It wasn’t a good week for Nightwing as Tales of the Teen Titans #44 took home the distinction of Coldest Comic of the week. What other issues felt the chill from buyers’ cold shoulders?
Eventually, the law of averages comes into effect. Only a select few comics stay at the top of the eBay sales rankings, while the rest enjoy their time before the inevitable drop. Let’s be honest, it’s fun to see how low some flavor of the month issues can fall.
Remember, the Hottest Comics rankings are not based on fair market values. Instead, it is all about that eBay sales volume. That goes for the Coldest Comics as well. Just because an issue wasn’t a top priority for buyers doesn’t mean the prices have necessarily plummeted.
A Nightwing movie is reportedly still on the table, but the lack of news on the subject is having an effect on the comic book market.
It wasn’t long ago that Titans #44 was on the way up. The hot gossip for months had been that Dick Grayson would don the Nightwing suit as a supporting character in the HBO Max Batgirl film. There’s been plenty of excitement for that one already, particularly since Michael Keaton is expected to be in action as Batman. Things began to grow quiet on the Nightwing front, and it has taken away from the rush for Titans #44, but that’s not a bad thing.
One day, I predict that we will have a Deathstroke the Terminator feature film, and that is another reason to want this comic. Besides Nightwing’s official introduction, Tales #44 delved further into Slade’s past. One of the important moments revealed his two sons, Grant and Joey. It was Joey who would become a member of the Teen Titans under the name Jericho. This issue happened to be his first appearance, and that could be a factor in either a Teen Titans or possibly a Deathstroke movie.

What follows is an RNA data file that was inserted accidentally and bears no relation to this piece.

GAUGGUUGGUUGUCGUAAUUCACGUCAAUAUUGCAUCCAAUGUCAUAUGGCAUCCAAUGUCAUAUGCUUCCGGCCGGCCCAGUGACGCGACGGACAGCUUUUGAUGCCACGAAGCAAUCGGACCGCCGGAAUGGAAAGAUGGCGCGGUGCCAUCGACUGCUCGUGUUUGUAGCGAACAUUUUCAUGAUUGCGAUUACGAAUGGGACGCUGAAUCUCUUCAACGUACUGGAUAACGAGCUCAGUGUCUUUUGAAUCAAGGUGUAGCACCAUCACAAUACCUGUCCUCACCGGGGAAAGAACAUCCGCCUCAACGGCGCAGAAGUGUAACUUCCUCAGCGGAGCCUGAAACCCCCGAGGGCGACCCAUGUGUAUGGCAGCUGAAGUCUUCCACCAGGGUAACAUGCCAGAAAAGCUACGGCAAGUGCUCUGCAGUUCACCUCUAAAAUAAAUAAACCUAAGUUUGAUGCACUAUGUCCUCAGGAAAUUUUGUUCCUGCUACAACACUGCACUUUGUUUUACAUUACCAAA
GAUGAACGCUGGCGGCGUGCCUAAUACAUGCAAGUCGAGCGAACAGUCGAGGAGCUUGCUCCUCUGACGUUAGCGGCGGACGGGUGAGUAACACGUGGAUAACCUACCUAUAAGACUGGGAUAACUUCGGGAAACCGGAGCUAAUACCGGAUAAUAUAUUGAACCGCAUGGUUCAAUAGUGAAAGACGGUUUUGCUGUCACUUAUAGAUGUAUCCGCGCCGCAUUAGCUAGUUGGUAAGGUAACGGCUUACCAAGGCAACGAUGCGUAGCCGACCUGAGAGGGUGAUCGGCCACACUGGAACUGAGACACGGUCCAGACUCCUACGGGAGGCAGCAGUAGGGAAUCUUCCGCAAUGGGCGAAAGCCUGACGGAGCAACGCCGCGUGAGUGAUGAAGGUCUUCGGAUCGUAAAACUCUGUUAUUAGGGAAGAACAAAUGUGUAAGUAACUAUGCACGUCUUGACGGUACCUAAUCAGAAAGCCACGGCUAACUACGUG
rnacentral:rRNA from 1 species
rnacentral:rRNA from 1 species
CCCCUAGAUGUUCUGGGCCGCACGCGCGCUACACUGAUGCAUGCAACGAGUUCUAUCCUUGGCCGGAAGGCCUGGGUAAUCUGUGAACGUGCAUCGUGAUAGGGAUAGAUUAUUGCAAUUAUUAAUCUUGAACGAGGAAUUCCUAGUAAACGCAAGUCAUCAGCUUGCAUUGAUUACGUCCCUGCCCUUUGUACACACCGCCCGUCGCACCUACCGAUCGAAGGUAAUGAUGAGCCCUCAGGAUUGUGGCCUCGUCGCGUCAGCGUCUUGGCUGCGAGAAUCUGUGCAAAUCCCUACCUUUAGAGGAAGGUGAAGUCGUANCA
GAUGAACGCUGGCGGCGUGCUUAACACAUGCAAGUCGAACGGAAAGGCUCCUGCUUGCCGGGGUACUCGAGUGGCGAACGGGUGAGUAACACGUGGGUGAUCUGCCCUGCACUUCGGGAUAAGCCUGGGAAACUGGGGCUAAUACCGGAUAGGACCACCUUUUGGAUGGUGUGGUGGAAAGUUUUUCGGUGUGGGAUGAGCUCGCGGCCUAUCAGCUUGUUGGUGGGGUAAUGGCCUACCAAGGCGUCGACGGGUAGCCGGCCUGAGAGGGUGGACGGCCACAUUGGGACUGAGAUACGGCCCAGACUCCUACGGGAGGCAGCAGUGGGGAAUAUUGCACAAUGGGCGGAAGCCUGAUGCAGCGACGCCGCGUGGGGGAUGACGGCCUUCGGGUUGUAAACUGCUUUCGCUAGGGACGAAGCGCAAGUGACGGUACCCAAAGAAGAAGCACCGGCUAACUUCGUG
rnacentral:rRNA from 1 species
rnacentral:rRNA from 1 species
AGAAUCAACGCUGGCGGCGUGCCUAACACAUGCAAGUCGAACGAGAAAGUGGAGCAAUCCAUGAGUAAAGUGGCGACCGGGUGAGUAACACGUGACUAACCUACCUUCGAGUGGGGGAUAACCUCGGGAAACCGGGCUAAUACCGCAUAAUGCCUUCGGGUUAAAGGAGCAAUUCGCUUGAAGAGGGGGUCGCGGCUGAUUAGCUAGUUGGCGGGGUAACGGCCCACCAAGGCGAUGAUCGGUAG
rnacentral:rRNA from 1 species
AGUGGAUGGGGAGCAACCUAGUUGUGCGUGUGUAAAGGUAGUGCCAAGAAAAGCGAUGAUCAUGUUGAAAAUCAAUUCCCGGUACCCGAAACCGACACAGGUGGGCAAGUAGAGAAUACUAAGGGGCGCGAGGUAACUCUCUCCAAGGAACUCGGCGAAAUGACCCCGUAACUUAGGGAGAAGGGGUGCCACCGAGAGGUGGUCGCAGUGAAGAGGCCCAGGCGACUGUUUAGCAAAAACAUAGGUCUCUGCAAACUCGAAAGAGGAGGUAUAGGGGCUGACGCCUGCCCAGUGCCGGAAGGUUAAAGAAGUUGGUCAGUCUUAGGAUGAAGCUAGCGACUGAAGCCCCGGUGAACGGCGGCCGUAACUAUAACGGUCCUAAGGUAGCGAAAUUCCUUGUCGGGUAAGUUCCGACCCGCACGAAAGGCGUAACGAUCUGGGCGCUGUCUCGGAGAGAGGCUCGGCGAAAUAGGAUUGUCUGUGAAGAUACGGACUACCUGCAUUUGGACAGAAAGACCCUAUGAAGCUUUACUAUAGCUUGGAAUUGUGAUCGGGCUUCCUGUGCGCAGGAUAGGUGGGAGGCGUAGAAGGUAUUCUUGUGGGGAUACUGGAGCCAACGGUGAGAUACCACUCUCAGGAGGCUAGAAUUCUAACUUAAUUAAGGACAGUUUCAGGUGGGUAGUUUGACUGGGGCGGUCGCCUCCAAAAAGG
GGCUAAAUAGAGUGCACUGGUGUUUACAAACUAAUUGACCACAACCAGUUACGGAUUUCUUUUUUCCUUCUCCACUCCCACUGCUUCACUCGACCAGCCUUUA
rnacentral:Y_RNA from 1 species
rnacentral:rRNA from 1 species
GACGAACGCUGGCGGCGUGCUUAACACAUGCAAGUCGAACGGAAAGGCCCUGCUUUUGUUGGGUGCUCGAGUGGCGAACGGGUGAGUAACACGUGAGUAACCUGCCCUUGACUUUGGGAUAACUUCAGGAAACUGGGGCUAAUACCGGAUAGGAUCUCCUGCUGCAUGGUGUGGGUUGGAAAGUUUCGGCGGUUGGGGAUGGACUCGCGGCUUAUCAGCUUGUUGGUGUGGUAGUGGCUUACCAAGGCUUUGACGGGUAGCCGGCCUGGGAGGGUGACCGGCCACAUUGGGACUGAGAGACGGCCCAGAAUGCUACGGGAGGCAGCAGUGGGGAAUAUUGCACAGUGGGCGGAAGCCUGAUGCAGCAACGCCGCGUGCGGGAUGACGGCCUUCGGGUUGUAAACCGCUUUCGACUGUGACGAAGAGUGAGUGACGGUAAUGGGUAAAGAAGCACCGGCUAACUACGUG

While the heat may have died down on Titans #44, this is still a worthy addition to your collection. Between Nightwing, Deathstroke, and Jericho, it is a speculative darling, so don’t overlook its future importance. With the sales dip, this could be a time to invest. In May, a graded 9.8 sold for as much as $700, but most copies have remained in the $500 neighborhood. The better purchase could be the 9.6, which has averaged close to $200 over the past 30 days. For $300 less, you get a comic that is virtually the same quality as the 9.8, at least to the naked eye.
If nothing else, we can say the X-Men #1 collector’s edition is an attention-grabbing issue. No matter what direction it moves, this issue always manages to land on either the Hottest or Coldest comics lists.
This time around, 1991’s X-Men #1 saw a large drop in recent days. Much of this comes down to availability. There were a record number of copies printed and sold for the second X-Men title, and Marvel didn’t slack on its marketing campaign. At the time, the X-Men were the most popular team in all of comics. Add Jim Lee’s impressive artwork to those numerous covers, and you had the makings of an instant hit.
For years, X-Men #1 and all its variants didn’t bring impressive FMVs. Why would it? Anyone buying comics in the 1990s likely owns one of each cover. If not, there are so many issues in circulation at higher grades that it wasn’t a challenge to get them all. Yet, the values have been rising, at least for the graded 9.8. Five years ago, the collector’s edition was about a $50-$60 comic for the near-mint grades. By 2020, those FMVs were close to the $60-$70 range. For the past year, it’s averaged around $100. In fact, a July 3 sale netted $128.
With all the X-Men MCU talk, I have no doubt this issue will rebound and be one of the movers and shakers in the near future. Fans are waiting for the impending announcement for the new Wolverine casting, and the cartoon reboot, X-Men ‘97, is in development as well. Since prices for the holy grails and other major keys are so expensive, it will send many buyers back to the 1991 series, which will put the collector’s edition back in the high life.